In the U.S.—the world's biggest consumer electronics market—Apple and Samsung appear to have been headed for a showdown for years. In 2001, Apple secured just 10 design patents; in 2008, 64. Last year, the company achieved 154 such patents. But Samsung became the "top dog in the U.S. for issued design patents" in 2010, Carani said.
But because U.S. design patent protection demands only that items look "substantially" the same in the "eyes of a preliminary observer," Apple's best shot at winning the fight may be there. That may be what prompted Samsung to offer Apple a secret deal under which it would strip features from its Galaxy Tab in Australia. (These were technical features, not design-related.) Terms of the deal have not been revealed, and Apple has since rejected that overture.
The Korean firm had already begun to remove features from its tablet. (The original Apple filing noted 13 such patents; that number is now down to just three.)
The technical war
The Korean firm has plenty of its own intellectual property with which to fight back. In the Netherlands, Samsung says Apple is using some of its own UMTS technical patents without permission, telling the Dutch court, "Apple is consciously, structurally infringing the 3G patents."
Apple's response? To assert that these patents are for widely-deployed technologies. It argues that Samsung is demanding an "excessive" (2.4 percent) royalty on 3G chips used in Apple devices, and says it is "abusively" asserting UMTS patents to get away with "illicit" copying.
Because licensing talks are ongoing, an injunction on this basis is unlikely. The Dutch judge is expected to declare whether Samsung has a case on October 14. Ironically, that's also the date on which the new iPhone 4S actually goes on sale.
"The key thing to know about wireless standards is that if someone managed to shut down all adopters of such a standard, users of one phone could no longer connect with others," said Florian Mueller, a patent activist and analyst who writes the FOSS Patents blog. "They wouldn't even be able to connect with their mobile network."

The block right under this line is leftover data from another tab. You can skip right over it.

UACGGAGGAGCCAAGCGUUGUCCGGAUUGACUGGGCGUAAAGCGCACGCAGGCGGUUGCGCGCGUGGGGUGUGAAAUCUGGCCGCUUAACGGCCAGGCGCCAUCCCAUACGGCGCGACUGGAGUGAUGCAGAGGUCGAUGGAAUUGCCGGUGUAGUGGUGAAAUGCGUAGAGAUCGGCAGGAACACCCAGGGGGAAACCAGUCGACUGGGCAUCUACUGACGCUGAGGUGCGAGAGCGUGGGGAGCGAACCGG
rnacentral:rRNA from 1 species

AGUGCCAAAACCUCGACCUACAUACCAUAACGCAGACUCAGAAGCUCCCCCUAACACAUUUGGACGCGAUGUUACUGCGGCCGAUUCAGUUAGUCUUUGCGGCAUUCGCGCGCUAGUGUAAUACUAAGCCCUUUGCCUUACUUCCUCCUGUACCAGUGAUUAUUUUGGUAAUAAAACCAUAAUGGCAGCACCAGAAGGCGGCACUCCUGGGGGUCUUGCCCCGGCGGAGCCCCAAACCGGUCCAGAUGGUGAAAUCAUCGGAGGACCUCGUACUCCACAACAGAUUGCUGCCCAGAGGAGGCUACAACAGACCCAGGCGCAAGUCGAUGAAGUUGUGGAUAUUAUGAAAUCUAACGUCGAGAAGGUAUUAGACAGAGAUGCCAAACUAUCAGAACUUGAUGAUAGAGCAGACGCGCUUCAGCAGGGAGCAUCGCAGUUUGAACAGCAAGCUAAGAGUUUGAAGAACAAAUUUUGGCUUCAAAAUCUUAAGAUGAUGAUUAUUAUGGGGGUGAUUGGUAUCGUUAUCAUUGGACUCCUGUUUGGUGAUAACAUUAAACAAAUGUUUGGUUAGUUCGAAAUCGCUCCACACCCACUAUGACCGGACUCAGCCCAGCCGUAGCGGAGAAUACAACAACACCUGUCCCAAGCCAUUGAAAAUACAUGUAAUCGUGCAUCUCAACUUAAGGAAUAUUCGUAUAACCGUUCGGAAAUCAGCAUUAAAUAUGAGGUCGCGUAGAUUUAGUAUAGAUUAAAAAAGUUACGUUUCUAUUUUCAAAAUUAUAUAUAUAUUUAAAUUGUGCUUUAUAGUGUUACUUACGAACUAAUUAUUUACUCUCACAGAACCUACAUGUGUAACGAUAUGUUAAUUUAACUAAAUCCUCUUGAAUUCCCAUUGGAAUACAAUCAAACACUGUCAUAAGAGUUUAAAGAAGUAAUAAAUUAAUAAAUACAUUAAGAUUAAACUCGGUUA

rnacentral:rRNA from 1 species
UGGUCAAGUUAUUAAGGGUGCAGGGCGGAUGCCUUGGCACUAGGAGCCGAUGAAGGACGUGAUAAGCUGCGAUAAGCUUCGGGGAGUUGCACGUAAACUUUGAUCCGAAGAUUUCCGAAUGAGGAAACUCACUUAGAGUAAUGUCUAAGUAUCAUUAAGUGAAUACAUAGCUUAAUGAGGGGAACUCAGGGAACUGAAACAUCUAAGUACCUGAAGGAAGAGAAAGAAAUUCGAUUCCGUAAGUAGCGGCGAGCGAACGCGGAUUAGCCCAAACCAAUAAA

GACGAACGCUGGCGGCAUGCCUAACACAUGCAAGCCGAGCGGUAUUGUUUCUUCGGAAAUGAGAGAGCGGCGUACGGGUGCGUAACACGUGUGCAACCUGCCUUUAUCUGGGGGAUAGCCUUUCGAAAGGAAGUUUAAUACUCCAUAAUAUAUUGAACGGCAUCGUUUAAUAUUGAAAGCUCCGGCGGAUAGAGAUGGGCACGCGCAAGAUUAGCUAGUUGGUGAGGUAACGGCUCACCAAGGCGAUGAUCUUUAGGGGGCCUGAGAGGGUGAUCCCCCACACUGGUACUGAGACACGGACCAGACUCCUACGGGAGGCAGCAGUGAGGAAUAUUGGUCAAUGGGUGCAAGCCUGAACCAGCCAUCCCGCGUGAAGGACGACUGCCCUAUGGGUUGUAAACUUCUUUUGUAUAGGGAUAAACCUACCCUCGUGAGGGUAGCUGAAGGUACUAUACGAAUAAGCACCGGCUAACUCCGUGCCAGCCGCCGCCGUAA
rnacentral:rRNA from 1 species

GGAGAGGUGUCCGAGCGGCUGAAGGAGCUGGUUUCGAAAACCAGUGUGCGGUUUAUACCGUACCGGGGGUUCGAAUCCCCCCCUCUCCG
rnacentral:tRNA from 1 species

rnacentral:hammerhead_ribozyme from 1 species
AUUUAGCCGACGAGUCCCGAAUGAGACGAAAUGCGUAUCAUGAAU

A patchwork of decisions
There have already been several developments in the various legal fights.
In Europe, Apple got a preliminary injunction against Samsung's Galaxy Tab. That decision, which originally stopped sales of the device across the European Union, was later scaled back to cover only Germany.
Also in Europe, Apple won an injunction against selected Samsung smartphones running Android 2.2; that decision takes effect on Oct. 15.
The aforementioned offer from Samsung—eventually rejected by Apple—to remove features from the Galaxy Tab in order to avoid a ban on the tablet's sale in Australia.
The outcome ahead?
"The German court's weighing up of the factors in deciding to grant a preliminary injunction in this case may not be followed by courts in other European countries," warned Kazi.
Legal experts expect that the legal dramas now playing out in nine separate jurisdictions across the globe could drag on for years, but they think both parties will eventually broker a peace deal.
"The likely outcome is that Apple and Samsung will eventually settle with a cross-license one way or the other for an undisclosed amount [of money] after a succession of press releases and sideshow battles, and after the lawyers have assessed the overall picture and commercial teams have weighed up the costs and benefits of the continuing battle," Kazi said.
That Samsung's heavyweight legal teams have been unable to prevail against Apple's litigation is most telling, said Carani: "In my opinion, design patents can have teeth if they are prosecuted in a learned and strategic fashion."
Jonny Evans is a Computerworld blogger who writes extensively about Apple. You can follow him on Google+ and on Twitter at @jonnyevans_cw.
This story, "Apple vs. Samsung: Behind the patent fight" was originally published by Computerworld.